Tuesday, June 7, 2016


This is an updated version of a column originally posted February 2, 2015.

About 18 months ago I reported on the problematic situation regarding HD Radio at CPB-funded stations and CPB’s role is this situation. I am not blaming CPB. CPB’s plan to add hundreds of HD channels was hatched at a time in the early 2000s when future adaptation of HD technology was unknown. Now the dismal state of HD Radio is known and CPB should become part of the solution.

Source: Jacobs Media

As we now know, consumers have rejected HD Radio. Aside from cheery company-sponsored news releases in Radio World, there is little conversation now about HD. Many stations accepted CPB’S offer to help finance HD channels. Now they are required to keep their HD channels going regardless of the cost and lack of interest by listeners.

Source: Jacobs Media
To the best of my knowledge, every HD channel that appears in Nielsen Audio’s ratings uses an FM translator to repeat the HD channel. Fact of Life: When someone is listening to HD on FM, they are really listening to FM. Feeding FM translators is one thing HD does really, really well. CPB should help stations on the hook for HD create more FM stations via translators


To understand what is going on with HD radio and CPB, follow the money. Even CPB doesn’t know how much money they and stations have invested in HD.

About a decade ago, CPB made it easy for stations to get into HD. A highly respected station manager, who asked me to keep his name confidential, put it this way:

CPB's HD grants were the fastest and easiest $75,000 anyone in public radio ever came by.
 [CPB’s] HD radio campaign was a stimulus for spending money on hardware. CPB temporarily assumed PTFP's role of subsidizing equipment replacement. Many stations justify HD adoption because they replaced aging analog transmitters.

There have been enormous opportunity costs for HD. CPB's millions might have been better sunk into stimulating journalism. Untold staff hours were wasted on HD - logistics, installation, promotion, and programming. 

My guesstimate of the investment in HD Radio by CPB is somewhere north of $23 million. This does not include the ongoing cost to stations. I base my guesstimate on information that is available in public documents:

• A CPB press release said approximately 300 stations participated in CPB’s HD Radio digital conversion. 

• The average cost to establish HD Radio capability was around $130,000 per station. 

• CPB paid $75,000, or 70% of the project cost to entice stations to build HD channels. Minority service stations and hardship cases got more even more money and/or a higher percentage of funding from CPB.

• Lets say CPB spent $75,000 for 200 stations to move into HD Radio; and $85,000 for 100 stations to the same purpose. Assuming these figures are correct, CPB’s investment to stations into the HD Radio business is at least $23,500,000.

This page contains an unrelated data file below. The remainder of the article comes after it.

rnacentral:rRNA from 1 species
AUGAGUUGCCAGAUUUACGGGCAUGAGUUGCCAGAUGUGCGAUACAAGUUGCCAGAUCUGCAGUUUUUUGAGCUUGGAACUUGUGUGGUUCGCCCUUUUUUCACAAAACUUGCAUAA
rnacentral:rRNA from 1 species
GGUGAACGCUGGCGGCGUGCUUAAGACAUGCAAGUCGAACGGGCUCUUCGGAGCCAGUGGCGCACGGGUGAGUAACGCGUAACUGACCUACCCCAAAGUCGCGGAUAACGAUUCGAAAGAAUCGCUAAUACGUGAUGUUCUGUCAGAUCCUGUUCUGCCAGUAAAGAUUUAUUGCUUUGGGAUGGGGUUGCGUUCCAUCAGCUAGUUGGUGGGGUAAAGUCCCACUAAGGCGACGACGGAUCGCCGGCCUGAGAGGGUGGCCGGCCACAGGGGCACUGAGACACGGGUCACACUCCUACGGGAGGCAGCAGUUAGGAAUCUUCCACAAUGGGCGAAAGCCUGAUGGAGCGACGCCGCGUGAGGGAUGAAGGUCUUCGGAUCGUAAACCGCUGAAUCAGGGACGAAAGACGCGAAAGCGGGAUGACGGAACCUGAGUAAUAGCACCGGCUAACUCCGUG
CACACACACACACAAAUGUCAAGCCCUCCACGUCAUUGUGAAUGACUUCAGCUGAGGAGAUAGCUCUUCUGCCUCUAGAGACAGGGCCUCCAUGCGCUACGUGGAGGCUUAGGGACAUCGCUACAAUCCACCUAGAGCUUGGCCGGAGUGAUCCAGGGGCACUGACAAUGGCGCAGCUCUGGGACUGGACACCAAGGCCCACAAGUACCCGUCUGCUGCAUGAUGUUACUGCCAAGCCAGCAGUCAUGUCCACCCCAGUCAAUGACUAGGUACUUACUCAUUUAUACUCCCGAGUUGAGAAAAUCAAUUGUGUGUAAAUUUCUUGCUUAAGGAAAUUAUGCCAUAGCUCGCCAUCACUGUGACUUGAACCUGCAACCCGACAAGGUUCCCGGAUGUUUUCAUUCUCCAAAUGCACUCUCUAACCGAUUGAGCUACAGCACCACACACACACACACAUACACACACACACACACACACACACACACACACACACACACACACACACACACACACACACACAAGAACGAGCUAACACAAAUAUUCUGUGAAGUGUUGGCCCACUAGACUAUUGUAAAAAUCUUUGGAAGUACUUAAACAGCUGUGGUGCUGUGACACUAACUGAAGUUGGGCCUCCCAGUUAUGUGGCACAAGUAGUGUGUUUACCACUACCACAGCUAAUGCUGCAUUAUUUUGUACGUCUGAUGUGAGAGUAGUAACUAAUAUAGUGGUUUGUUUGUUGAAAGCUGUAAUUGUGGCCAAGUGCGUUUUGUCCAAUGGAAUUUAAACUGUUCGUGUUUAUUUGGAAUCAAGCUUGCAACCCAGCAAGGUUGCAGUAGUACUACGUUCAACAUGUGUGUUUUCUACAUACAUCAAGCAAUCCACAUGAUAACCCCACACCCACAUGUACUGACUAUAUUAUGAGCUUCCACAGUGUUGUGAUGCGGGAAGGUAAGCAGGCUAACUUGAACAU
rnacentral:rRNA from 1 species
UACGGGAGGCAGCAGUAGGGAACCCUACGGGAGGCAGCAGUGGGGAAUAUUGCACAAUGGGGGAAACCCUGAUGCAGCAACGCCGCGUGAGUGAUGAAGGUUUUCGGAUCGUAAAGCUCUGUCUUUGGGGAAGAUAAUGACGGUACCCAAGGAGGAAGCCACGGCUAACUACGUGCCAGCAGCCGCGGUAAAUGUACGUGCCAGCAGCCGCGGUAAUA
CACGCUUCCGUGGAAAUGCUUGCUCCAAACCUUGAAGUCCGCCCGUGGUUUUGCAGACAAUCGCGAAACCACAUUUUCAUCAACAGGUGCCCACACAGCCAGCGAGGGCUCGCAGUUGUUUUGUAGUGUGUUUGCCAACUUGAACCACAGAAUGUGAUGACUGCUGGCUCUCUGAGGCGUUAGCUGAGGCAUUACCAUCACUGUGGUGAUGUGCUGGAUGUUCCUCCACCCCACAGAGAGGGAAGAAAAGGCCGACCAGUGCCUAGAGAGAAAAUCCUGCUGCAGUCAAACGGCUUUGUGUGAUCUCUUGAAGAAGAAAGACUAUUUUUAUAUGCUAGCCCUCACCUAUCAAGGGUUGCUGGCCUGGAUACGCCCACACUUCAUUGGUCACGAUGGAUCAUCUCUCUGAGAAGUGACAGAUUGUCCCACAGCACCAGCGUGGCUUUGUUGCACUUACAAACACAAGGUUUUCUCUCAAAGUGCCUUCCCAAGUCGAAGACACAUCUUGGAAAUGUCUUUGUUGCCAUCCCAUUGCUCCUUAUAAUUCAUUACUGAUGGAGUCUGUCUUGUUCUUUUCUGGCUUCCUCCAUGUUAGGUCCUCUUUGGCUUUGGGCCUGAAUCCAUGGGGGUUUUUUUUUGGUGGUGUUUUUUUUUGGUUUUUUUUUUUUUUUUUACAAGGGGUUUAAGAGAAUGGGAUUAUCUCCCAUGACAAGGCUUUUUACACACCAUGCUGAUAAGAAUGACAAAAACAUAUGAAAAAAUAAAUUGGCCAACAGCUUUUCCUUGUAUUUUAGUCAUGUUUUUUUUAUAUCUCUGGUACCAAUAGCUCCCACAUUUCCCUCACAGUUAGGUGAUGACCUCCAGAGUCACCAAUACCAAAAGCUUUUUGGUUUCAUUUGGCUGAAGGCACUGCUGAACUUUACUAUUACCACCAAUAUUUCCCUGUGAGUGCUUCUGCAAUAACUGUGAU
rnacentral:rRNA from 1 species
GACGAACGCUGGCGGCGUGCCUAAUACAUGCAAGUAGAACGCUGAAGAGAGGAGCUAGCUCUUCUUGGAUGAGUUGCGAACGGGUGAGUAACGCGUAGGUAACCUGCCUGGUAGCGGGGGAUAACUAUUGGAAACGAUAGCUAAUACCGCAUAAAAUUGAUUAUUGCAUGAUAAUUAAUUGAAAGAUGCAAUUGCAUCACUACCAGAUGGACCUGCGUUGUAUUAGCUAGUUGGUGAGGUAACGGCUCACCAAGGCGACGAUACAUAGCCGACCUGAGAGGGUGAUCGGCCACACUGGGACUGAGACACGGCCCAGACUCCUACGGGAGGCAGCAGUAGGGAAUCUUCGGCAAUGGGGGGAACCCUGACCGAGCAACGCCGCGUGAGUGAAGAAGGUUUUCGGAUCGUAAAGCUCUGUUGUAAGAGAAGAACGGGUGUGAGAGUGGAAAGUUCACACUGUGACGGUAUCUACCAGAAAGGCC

To date, the Corporation for Public Broadcasting has given member-stations approximately $50 million in HD Radio “upgrade” grants (some of them of the matching variety). [link]

These estimates do not include station investments, licensing fees paid to iBiquity, programming or operating expenses. 


As part of the agreement with CPB for stations to build HD capacity, the stations made a long-term promise to continue operating their HD channels or they had pay back the money.

One station manager described the situation this way:

Pity the poor stations that are still touting their HD service that no one listens to.
 To this day, NPR still exploits station's HD innocence by charging $3,000 / year to run NPR on HD. How many stations flush $3,000 down that rat hole?

Nothing has changed in the year since February 2015. Stations continue to subsidize HD channels that reach virtually no listeners. This is a waste of valuable public service funding.


One of the few benefits of station investment in HD Radio is that it provides a cost-effective way to feed FM translators. We reported on one example in January 2016 [link].

THE MIGHTY 90.9 • The Rock of Duluth
American Public Media’s (APM) 89.3 The Current is expanding its reach with a new Instant FM Station covering the Duluth/Superior metro area. It debuted on February 1, 2016. FM translator W215CG 90.9 repeats The Current from Classical WSCN HD-2 channel.

Now The Current is serving thousands of "music discovery" listeners in the Twin Ports. They are adding additional local programming.

Hello CPB: This is the kind of "HD Recovery" plan CPB should support for frustrated HD station owners across the nation.

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